Under the Weather: Meteorological winter kicks off with a mostly dry forecast

It is the most wonderful time of the year! Winter is finally here, at least to meteorologists and other weather enthusiasts, and it makes me excited for the possibility of scenes like the picture above. Meteorological winter officially arrived Dec. 1, ahead of its astronomical counterpart. (You can read more about meteorological and astronomical seasons here: https://www.ncei.noaa.gov/news/meteorological-versus-astronomical-seasons)

Before proceeding, let’s recap our meteorological autumn, using data obtained from Paine Field. The temperature and precipitation snapshots are shown below.

In terms of precipitation, we ended with just under 10 inches of total accumulated rainfall after a dry start to the month of September. This is just a bit below normal for this time period. The above graphic also shows the record high and low totals for the same time span. Just a few years ago, in 2016, we registered a whopping 16.41 inches! If you compared that value to the total normal precipitation for the whole year, it would account for about 45% of the yearly normal total, in a span of just three months.

An interesting thing to note from the precipitation graph is that the “normal” line, which is the brown color, increases in steepness as time goes on. This suggests that it is normal for days later in the season to see more rain than earlier in the season. This is consistent with the fact that our “wet season” tends to begin in November.

So far, the first few days of meteorological winter have been nice and dry, thanks to a ridge of high pressure over the region. You can see this ridge in the image below.

This ridge will remain in place for Friday and for much of Saturday. Pockets of morning fog are possible Friday, so if you have a commute that takes place outside of your home and you encounter some fog, be sure to drive with extra caution. Any areas of fog that forms should clear up, making way to another beautiful day.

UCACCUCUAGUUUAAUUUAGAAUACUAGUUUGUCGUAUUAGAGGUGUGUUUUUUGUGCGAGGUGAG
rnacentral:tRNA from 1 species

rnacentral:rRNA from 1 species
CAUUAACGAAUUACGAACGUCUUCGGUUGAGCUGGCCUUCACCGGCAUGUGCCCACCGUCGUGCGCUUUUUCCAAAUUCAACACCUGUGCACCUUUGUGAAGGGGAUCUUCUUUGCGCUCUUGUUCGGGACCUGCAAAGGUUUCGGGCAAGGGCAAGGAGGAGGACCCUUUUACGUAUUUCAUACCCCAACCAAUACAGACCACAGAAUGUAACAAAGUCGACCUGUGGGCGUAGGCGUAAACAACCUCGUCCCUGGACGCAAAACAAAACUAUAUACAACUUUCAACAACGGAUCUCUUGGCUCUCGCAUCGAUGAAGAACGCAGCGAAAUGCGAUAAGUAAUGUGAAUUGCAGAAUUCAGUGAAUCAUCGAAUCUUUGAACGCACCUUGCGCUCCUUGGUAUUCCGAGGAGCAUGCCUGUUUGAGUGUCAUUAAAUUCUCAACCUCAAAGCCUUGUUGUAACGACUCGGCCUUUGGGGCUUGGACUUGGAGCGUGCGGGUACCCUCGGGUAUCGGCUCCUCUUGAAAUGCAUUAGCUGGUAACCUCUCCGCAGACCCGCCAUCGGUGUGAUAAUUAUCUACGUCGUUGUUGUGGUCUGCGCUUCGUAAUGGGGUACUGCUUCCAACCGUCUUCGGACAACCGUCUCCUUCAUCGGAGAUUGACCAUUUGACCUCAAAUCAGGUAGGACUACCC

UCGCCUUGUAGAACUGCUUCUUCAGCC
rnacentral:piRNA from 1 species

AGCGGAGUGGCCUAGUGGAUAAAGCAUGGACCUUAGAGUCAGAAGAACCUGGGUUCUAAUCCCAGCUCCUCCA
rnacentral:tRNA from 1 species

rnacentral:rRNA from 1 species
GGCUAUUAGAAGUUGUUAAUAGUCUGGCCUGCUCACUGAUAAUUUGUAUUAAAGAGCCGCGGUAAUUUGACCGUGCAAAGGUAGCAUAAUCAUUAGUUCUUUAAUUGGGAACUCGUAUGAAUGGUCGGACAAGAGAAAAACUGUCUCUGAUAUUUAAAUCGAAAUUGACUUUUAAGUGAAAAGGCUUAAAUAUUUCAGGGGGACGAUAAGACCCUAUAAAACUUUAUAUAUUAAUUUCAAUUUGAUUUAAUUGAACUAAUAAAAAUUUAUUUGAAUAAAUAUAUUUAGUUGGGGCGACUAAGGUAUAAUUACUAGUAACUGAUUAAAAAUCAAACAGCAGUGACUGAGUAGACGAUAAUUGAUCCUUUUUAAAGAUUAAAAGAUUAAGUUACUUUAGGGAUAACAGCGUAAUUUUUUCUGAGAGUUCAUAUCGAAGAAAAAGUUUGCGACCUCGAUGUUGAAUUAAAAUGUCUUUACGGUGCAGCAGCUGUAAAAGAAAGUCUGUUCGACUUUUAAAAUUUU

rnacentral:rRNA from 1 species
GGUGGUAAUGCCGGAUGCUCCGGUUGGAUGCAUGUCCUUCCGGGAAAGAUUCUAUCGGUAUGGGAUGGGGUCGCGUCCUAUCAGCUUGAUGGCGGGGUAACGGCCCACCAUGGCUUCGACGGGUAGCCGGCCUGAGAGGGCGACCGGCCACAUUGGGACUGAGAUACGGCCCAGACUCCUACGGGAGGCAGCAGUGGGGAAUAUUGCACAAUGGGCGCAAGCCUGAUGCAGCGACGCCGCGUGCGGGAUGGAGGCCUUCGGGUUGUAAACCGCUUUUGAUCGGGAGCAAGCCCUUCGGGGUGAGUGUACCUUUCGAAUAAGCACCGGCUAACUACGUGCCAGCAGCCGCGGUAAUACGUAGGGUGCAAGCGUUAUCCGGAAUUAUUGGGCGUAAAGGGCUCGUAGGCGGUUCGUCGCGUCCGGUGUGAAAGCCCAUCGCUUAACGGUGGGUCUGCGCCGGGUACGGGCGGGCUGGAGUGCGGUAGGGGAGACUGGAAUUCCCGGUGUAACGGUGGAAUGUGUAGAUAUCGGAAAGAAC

Much of the day Saturday should also be nice, but the ridge will begin to break down as a relatively weak front heads into the area Saturday night. As a result, there is a chance of showers late Saturday through the night. Nothing crazy is expected in terms of any accumulated rainfall.

Some residual showers are possible early Sunday, but overall, we should be dry for the majority of the day as another ridge builds. It’s looking like a very pleasant weekend to enjoy the great outdoors.

Below is your weekend forecast summary.

After this weekend, some models are suggesting that the rain could make a comeback, starting Tuesday. However, there are discrepancies between different models, so nothing is a for sure thing at this point. For now, the chance for a bit wetter weather next week exists, but exactly when rain falls and how much is still up in the air.

With potentially wetter weather next week, take advantage of the nice weather over the next few days! Have a great weekend.

— By Kelsie Knowles

Kelsie Knowles is a meteorologist and recent University of Washington graduate who lives in north Lynnwood. After writing weather blogs as a KOMO News intern, she discovered a passion for writing about weather. You can learn more in her blog www.wxnoggin.com and you can also follow her on Twitter at @kels_wx3.

 

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